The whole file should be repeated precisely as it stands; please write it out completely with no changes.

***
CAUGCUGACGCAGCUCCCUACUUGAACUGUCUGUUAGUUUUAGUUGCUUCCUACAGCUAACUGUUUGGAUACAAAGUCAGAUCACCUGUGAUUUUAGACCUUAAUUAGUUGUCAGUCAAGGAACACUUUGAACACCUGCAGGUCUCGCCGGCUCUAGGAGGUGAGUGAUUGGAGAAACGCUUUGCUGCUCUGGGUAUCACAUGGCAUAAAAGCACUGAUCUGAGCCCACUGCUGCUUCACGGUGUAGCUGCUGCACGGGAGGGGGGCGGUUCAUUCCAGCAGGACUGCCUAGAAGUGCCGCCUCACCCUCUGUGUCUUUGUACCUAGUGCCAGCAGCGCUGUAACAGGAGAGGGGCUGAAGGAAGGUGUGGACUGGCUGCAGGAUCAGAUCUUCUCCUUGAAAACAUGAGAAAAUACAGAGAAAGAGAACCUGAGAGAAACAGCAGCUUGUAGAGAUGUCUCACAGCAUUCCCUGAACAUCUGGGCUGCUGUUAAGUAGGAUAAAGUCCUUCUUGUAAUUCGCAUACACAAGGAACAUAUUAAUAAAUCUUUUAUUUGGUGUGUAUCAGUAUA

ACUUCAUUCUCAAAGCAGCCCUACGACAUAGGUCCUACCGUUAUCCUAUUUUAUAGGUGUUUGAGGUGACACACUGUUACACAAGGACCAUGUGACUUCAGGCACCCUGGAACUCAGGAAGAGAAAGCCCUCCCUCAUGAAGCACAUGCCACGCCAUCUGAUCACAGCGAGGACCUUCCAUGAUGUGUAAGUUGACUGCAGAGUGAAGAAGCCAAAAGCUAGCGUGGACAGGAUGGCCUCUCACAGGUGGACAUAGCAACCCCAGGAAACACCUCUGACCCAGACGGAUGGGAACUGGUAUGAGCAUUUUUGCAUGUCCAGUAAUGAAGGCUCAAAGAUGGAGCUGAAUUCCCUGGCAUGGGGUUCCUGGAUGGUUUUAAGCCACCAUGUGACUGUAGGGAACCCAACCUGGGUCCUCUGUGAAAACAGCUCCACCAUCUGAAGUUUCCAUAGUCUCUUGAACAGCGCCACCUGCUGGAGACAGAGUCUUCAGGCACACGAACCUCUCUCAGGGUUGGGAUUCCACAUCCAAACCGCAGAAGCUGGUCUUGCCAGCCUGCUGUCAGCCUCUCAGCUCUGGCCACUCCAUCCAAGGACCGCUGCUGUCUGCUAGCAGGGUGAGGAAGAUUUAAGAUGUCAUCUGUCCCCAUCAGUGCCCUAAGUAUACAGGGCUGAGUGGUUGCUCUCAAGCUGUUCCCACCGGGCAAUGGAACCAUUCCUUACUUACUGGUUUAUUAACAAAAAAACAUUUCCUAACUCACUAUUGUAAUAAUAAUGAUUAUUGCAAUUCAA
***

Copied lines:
CAUGCUGACGCAGCUCCCUACUUGAACUGUCUGUUAGUUUUAGUUGCUUCCUACAGCUAACUGUUUGGAUACAAAGUCAGAUCACCUGUGAUUUUAGACCUUAAUUAGUUGUCAGUCAAGGAACACUUUGAACACCUGCAGGUCUCGCCGGCUCUAGGAGGUGAGUGAUUGGAGAAACGCUUUGCUGCUCUGGGUAUCACAUGGCAUAAAAGCACUGAUCUGAGCCCACUGCUGCUUCACGGUGUAGCUGCUGCACGGGAGGGGGGCGGUUCAUUCCAGCAGGACUGCCUAGAAGUGCCGCCUCACCCUCUGUGUCUUUGUACCUAGUGCCAGCAGCGCUGUAACAGGAGAGGGGCUGAAGGAAGGUGUGGACUGGCUGCAGGAUCAGAUCUUCUCCUUGAAAACAUGAGAAAAUACAGAGAAAGAGAACCUGAGAGAAACAGCAGCUUGUAGAGAUGUCUCACAGCAUUCCCUGAACAUCUGGGCUGCUGUUAAGUAGGAUAAAGUCCUUCUUGUAAUUCGCAUACACAAGGAACAUAUUAAUAAAUCUUUUAUUUGGUGUGUAUCAGUAUA

ACUUCAUUCUCAAAGCAGCCCUACGACAUAGGUCCUACCGUUAUCCUAUUUUAUAGGUGUUUGAGGUGACACACUGUUACACAAGGACCAUGUGACUUCAGGCACCCUGGAACUCAGGAAGAGAAAGCCCUCCCUCAUGAAGCACAUGCCACGCCAUCUGAUCACAGCGAGGACCUUCCAUGAUGUGUAAGUUGACUGCAGAGUGAAGAAGCCAAAAGCUAGCGUGGACAGGAUGGCCUCUCACAGGUGGACAUAGCAACCCCAGGAAACACCUCUGACCCAGACGGAUGGGAACUGGUAUGAGCAUUUUUGCAUGUCCAGUAAUGAAGGCUCAAAGAUGGAGCUGAAUUCCCUGGCAUGGGGUUCCUGGAUGGUUUUAAGCCACCAUGUGACUGUAGGGAACCCAACCUGGGUCCUCUGUGAAAACAGCUCCACCAUCUGAAGUUUCCAUAGUCUCUUGAACAGCGCCACCUGCUGGAGACAGAGUCUUCAGGCACACGAACCUCUCUCAGGGUUGGGAUUCCACAUCCAAACCGCAGAAGCUGGUCUUGCCAGCCUGCUGUCAGCCUCUCAGCUCUGGCCACUCCAUCCAAGGACCGCUGCUGUCUGCUAGCAGGGUGAGGAAGAUUUAAGAUGUCAUCUGUCCCCAUCAGUGCCCUAAGUAUACAGGGCUGAGUGGUUGCUCUCAAGCUGUUCCCACCGGGCAAUGGAACCAUUCCUUACUUACUGGUUUAUUAACAAAAAAACAUUUCCUAACUCACUAUUGUAAUAAUAAUGAUUAUUGCAAUUCAA